# Lesson video

In progress...

Hi everyone.

And welcome to today's lesson.

As you can see today's lesson is about representing decimal numbers in a variety of different ways.

So we're going to explore how we can represent and look at decimal numbers.

Let's have a look at what the lesson will look like today.

So as we can see, we're going to review our understanding of place value first, 'cause that's really important.

We're then going to understand the place value of decimal numbers then start representing those decimal numbers in lots of different ways as we said and then look at the value of each digit.

Okay, well let's get started.

So make sure that you've got a pencil and a paper can be really useful in today's lesson just to make some jottings or draw some diagrams. Okay, so let's have a bit of a warm-up just to get our brains working a little bit, have a look at the representation I've got here.

Now I'm just going to make that slightly bigger for you.

So looking at this representation what four-digit number is being represented with dienes here? And so maybe 10 seconds or so.

Okay, so shout the answer now don't be scared.

Okay, what did we get? So hopefully we got 3,251.

Now, if I'm able to do this, what am I using to support me? It might be that you've got place value chart that to be able to help you to think about each different blocks.

So we've got a red here so we can see that there's a thousands dienes and there're three of them so three thousands, we've got two of the hundred slabs so two hundreds, we've got five of the 10 sticks that's 50 and then we've got one dienes on its own that's worth a value of ones so 3,251.

Okay, let's continue.

In our new learning today we want to look at the relationships between different numbers 'cause that's going to really support us during this lesson.

So I want you to think about different statements you can make to think about the relationship between these different numbers so a thousand, a hundred, ten and one.

Think about how many times smaller one is than the other or how many times greater one is the other.

So for example, I can say that 10 is 10 times greater than one and one is 10 times smaller than 10 because it goes up this one will go into my 10 stick 10 times, okay? So think about the other ones maybe moving from one to a thousand or 10 to a hundred and think about what you can say about that, okay? It's going to be a few seconds, pause the video if you need to, to have a bit of a discussion.

Okay, so hopefully you've had some time to discuss that and this should be some understanding we already have from previous years.

So thinking about some examples you've got there lets just have a look.

So we've got a thousand here and we can say that a hundred and we can put it in 10 times here so we'll have 10 hundreds would make up 1000, okay? So likewise we can use our knowledge of division if we've got thousands, I would divide it by a hundred, we would have 10 of them because we'd need 10 of these to go into one thousands block.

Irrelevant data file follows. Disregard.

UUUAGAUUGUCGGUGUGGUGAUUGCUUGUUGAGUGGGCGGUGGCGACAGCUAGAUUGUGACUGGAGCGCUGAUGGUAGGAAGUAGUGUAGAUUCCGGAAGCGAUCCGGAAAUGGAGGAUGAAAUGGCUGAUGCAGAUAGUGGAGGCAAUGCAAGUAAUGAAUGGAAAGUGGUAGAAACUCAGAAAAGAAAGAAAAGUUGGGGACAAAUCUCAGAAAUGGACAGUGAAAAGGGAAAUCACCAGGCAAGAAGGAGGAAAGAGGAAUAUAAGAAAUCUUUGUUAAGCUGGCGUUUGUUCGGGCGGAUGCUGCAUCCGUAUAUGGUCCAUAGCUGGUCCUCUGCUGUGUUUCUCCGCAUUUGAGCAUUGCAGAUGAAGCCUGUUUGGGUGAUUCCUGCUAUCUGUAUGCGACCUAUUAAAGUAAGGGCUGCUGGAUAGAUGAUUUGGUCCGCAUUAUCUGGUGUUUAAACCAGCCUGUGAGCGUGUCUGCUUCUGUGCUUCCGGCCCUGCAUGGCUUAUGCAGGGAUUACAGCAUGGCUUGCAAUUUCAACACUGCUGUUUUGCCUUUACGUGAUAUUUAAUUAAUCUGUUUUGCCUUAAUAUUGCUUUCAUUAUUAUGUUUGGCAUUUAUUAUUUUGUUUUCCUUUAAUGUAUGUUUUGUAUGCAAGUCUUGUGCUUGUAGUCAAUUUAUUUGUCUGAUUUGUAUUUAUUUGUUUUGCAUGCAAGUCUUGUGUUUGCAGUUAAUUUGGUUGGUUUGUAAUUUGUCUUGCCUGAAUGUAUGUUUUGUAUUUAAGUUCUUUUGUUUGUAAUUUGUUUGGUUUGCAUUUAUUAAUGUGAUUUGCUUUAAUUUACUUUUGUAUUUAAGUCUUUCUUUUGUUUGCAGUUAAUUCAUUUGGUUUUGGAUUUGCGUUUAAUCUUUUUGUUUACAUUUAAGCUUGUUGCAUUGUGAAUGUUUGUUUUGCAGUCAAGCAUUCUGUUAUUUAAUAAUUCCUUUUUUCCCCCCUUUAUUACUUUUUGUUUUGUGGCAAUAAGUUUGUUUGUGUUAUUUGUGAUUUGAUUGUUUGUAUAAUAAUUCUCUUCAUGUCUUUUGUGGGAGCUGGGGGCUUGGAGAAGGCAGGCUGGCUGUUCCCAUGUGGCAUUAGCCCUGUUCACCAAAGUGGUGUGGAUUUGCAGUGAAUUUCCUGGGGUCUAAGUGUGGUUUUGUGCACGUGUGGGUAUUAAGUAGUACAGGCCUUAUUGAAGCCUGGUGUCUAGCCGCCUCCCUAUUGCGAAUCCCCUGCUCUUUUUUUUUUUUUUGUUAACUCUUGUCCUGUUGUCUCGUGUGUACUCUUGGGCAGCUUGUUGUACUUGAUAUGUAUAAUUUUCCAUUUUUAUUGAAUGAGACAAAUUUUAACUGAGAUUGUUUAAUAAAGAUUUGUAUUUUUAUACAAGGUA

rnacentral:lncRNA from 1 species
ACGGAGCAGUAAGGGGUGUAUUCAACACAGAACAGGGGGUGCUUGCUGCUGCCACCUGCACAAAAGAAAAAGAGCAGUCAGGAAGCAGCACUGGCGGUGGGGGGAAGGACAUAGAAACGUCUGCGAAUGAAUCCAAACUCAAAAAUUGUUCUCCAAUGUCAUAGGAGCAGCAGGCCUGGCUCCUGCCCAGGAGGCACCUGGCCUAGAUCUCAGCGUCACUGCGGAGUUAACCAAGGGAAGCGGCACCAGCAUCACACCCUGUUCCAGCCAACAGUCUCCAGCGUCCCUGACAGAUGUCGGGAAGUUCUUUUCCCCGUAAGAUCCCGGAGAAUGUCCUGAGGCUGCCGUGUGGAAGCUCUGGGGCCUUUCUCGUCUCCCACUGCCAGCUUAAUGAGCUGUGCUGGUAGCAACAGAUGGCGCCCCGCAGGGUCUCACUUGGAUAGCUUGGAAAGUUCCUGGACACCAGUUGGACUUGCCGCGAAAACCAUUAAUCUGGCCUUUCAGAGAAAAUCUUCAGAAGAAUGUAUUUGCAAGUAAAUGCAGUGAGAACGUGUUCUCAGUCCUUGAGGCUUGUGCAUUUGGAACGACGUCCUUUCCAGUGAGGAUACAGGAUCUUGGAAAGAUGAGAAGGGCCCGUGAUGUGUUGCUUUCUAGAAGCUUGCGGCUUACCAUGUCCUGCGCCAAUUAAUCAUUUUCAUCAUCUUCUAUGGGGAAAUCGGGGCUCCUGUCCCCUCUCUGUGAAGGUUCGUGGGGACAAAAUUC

So it's really important that we're able to be really flexible and be able to describe the relationship between these 'cause they're going to be really useful in today's lesson.

We can also think of them in rather than normal value start thinking of them in a decimal value and now we've re-assigned the value of the dienes.

Now this is really important to have a really good understanding of whereas before we had our dienes worth 1000 can now say that the value of that in thousand block is worth one, so this is now worth one whole.

And if this is what worth one whole, our proportional relationship has not changed.

So you can now say that a hundred block we have here is now worth a 0.

1, okay? So there're still, it's still a tenth of our whole.

So we still got that same relationship and we've now got our stick here which is now worth 0.

01 'cause we could fit 100 of them into one whole or we could fit 10 of them into one 10th.

Okay, so we can see the relationship is still the same and likewise a thousand is worth a thousandth of a whole because 1000 of them would make up our whole block or we would have 10 of them making up a hundred or a hundred of them making up our 10th, okay? Lots of really important bits of that company there so do feel like if you need to pause the video and have a bit of a practise saying those words and thinking about those relationships.

But just remembering from our different dienes lots that we're going to be using today.

Although we may have an understanding of the value normally that we use the relationship between those dienes blocks is going to stay the same, that isn't going to change at all.

So that's the thing to focus on.

We'd still go back to divide it by 10 between each four of them.

So that's going to be really useful in today's lesson.

So we can think of this if the cube is representing one then we've got all those different values of 0.

1, 0.

01, 0.

001 so 1000th at the end, okay? So that's really useful to bear in mind as we go through this lesson and to use during the lesson.

Okay a bit of a practise for you then.

I want you to have a look at these and think what would I have to do in order to be able to show these relationships? So I've got 0.

01.

What would I have to multiply that by to get to 0.

1 here? So how many times would my stick here go into my square here? So have a look that and have a bit of a think and then likewise, if I have the whole here, my whole cube, how many of my hundredth sticks here would make up that? How many could I divide my whole into? Great, so have a bit of a think.